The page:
Hidden costs are non-monetary prices that we often don’t explicitly consider. The most common hidden costs are:

  • Time
  • Reputation
  • Fear of failure/ Risk

If you’re struggling to find the hidden costs that are holding you back, ask yourself the following questions:

  • Would I do this if it happened instantly?
  • Would I do this if no one ever found out?
  • Would I do this if I knew it would work?

Getting around hidden costs can be tricky, but here are some ideas to get you started:

  • Time passes regardless of what you’re doing. Why not spend it doing something that will get you closer to your goals?
  • If you were successful, would you care if anyone found out about it? Conversely, would you be okay with never getting to your goals because of this?
  • If you pick up an instrument for the first time, do you expect to be good at it? Learning new skills takes time. Why do you think you’ll be good from the start?

By examining my motivations and taking small steps, I aligned my interests with opportunities. The key is reflecting on what you want and steadily working towards it.

Finding Your Driving Purpose

How do you actually uncover your goal? I ask students: What would you do if you knew you couldn't fail? Let this guide and focus you. What goal would make you run this race, eyes wide open, determined, focused? 

(If you’re struggling to find your goals, don’t take my advice - take the advice of Patrick Bet-David, best-selling author, centa-millionaire, and part owner of the New York Yankees. His self-assessment questionnaire can be found here.)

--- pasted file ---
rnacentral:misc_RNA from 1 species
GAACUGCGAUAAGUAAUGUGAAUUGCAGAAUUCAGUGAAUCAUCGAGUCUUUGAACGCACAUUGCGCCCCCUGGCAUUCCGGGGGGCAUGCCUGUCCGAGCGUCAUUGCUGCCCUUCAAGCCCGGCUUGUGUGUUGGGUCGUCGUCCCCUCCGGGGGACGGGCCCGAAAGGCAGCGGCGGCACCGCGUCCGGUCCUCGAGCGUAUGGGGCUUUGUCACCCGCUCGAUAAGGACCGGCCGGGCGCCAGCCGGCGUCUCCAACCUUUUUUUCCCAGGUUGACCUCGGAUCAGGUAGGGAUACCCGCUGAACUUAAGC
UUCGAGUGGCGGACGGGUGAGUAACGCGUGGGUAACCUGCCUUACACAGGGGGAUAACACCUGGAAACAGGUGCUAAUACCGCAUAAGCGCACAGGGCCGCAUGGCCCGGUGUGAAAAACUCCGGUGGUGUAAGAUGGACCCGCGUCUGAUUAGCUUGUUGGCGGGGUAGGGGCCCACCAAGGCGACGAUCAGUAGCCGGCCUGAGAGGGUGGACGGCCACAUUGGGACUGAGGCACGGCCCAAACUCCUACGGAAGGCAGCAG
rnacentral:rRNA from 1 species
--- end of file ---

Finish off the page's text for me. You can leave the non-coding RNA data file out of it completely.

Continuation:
Actually sit down and give this a shot. Everyone’s goals are different. That’s the beauty of it. For me it’s helping every single person around me achieve what they thought was impossible, one step at a time. I could work on this for the next 10, 20, 40 years of my life without getting bored or burned out. In fact, I plan to. That’s why I work with my students, push them to build companies, carry out research, and test their ideas in the real world.

I want you to find that for yourself. I want you to find your driving purpose, too.

Give yourself permission to ask: What do I truly want? It doesn't have to be perfect.

Aim. Move. Adjust. That's how we make progress. That's how you turn education into opportunity. That's how you live a life that matters — to yourself and to others.

Final Thoughts

College isn’t just about textbooks and lectures. You're paying for the chance to use an education  to take what those professors, books, and societies offer and mold it into something purposeful. But the diploma you receive at the end of college isn't the finish line  it's the starting gun. Education isn't a product or a service. It's a tool. One that you have to seize and make the most of.

I know these are uncomfortable questions. But remember that life doesn't start or stop with a degree. It’s already started, and well under way. Make sure you know where you're going next. Because the most dangerous finish line is the one you don't see coming

The race is on. Are you ready to run?


Ben Jang is the founder of GOM Admissions, the college consultancy that focuses on pushing students to maximize their education and live purposeful, meaningful lives.